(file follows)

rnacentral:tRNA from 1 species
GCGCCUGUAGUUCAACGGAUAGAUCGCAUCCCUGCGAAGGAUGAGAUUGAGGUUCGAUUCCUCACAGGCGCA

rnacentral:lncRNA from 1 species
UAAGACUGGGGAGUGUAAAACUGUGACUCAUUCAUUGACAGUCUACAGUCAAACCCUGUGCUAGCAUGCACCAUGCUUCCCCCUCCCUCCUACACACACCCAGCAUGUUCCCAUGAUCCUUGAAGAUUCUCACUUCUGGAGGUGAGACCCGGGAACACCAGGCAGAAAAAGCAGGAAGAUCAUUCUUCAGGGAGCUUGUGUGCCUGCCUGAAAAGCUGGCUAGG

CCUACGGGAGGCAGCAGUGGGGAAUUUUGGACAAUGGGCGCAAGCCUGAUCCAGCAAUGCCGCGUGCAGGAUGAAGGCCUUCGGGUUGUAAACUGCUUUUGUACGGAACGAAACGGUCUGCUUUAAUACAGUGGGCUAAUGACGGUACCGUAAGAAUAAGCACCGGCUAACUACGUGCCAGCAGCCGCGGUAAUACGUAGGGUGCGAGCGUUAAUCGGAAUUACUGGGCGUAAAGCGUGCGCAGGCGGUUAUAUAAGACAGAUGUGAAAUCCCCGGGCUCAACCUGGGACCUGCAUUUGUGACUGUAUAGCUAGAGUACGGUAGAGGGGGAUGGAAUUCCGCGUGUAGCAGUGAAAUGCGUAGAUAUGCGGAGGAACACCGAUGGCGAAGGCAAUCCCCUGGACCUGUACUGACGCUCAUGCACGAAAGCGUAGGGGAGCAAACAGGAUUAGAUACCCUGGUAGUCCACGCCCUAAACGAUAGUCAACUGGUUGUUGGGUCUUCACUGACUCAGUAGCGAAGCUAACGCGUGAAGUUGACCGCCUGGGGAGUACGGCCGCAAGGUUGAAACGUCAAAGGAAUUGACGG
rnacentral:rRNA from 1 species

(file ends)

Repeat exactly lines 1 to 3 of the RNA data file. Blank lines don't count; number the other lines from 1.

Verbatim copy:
rnacentral:tRNA from 1 species
GCGCCUGUAGUUCAACGGAUAGAUCGCAUCCCUGCGAAGGAUGAGAUUGAGGUUCGAUUCCUCACAGGCGCA

rnacentral:lncRNA from 1 species